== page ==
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Folk-Tales of



In my Peasant Life in Bengal I make the peasant boy Govinda spend some hours every evening in listening to stories told by an old man, who was called Sambhu's mother, and who was the best story-teller in the village. On reading that passage, Captain R. C. Temple, of the Bengal Staff Corps, son of the distinguished Indian administrator Sir Richard Temple, wrote to me to say how interesting it would be to get a collection of those unwritten stories which old women in India recite to little children in the evenings, and to ask whether I could not make such a collection. As I was no stranger to the Mahrchen of the Brothers Grimm, to the Norse Tales so admirably told by Dasent, to Arnason's Icelandic Stories translated by Powell, to the Highland Stories done into English by Campbell, and to the fairy stories collected by other writers, and as I believed that the collection suggested would be a contribution, however slight, to that daily increasing literature of folk-lore and comparative mythology which, like comparative philosophy, proves that the swarthy and half-naked peasants on the banks of the Ganges is a cousin, albeit to the hundredth remove, to the fair-skinned and well-dressed Englishman on the banks of the Thames, I readily caught up the idea and cast about for materials. But where was an old story-telling woman to be got? I had myself, when a little boy, heard hundreds -- it would be no exaggeration to say thousands -- of fairy tales from that same old woman, Sambhu's mother -- for she was no fictitious person; she actually lived in the flesh and bore that name; but I had nearly forgotten those stories, at any rate they had all got confused in my head, the tail of one story being joined to the head of another, and the head of a third to the tail of a fourth. How I wished that poor Sambhu's mother had been alive! But she had gone long, and her son Sambhu, too, had followed her thither. After a great deal of search I found my Gammer Grethel -- though not half so old as the Frau Viehmannin of Hesse-Cassel -- in the person of a Bengali Christian woman, who, when a little girl and living in her heathen home, had heard many stories from her old grandmother. She was a good story-teller, but her stock was not large; and after I had heard all from her I had to look about for fresh sources. An old Brahman told me two stories; an old barber, three; an old servant of mine told me two; and the rest I heard from another old Brahman. None of my authorities knew English; they all told the stories in Bengali, and I translated them into English when I came home. I heard many more stories than those contained in the following pages; but I rejected a great many, as they appeared to me to contain spurious additions to the original stories which I had heard when a boy. I have reason to believe that the stories given in this book are a genuine sample of the old old stories told by old Bengali women from age to age through hundred generations.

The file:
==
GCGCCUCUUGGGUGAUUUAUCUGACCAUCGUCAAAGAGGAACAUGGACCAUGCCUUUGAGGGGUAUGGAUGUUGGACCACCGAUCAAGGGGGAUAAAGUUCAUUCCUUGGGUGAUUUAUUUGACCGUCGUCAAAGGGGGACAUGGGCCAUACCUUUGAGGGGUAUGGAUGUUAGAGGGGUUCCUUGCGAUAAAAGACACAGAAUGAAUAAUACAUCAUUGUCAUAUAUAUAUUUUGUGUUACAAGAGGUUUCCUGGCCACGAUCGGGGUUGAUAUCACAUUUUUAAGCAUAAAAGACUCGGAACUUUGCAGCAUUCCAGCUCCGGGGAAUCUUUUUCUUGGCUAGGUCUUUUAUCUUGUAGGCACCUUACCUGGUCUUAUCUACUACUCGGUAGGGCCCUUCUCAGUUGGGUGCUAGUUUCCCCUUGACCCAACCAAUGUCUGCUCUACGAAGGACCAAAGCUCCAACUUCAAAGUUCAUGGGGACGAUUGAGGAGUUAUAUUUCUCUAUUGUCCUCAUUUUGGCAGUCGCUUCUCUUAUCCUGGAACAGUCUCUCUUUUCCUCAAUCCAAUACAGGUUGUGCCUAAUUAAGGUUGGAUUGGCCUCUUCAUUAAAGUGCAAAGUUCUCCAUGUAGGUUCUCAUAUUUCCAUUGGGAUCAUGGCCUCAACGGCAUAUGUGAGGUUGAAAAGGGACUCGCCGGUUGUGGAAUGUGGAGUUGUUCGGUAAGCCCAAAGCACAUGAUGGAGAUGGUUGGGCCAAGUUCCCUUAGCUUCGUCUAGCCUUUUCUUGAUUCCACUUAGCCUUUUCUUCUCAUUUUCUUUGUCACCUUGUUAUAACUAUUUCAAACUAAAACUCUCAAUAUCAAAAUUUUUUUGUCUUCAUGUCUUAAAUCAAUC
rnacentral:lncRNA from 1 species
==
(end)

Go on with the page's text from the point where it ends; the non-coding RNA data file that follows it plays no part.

Sambhu's mother used always to end every one of her stories -- and every orthodox Bengali story-teller does the same -- with repeating the following formula :-

Thus my story endeth,

The Natiya-thorn withereth;

"Why, O Natiya-thorn, dost wither?"

"Why, does thy cow on me browse?"

"Why, O cow, dost thou browse?"

"Why, does thy neat-herd not tend me?"

"Why, O neat-herd, dost not tend the cow?"

"Why does thy daughter-in-law not give me rice?"

"Why, O daughter-in-law, dost not give rice?"

"Why does my child cry?"

"Why, O child, dost thou cry?"

"Why does the ant bite me?"

"Why, O ant, dost thou bite?"

Koot! koot! koot!

What these lines mean, why they are repeated at the end of every story, and what the connection is of the several parts to one another, I do not know. Perhaps the whole is a string of nonsense purposely put together to amuse little children.


Hooghly College,

February 27, 1883.




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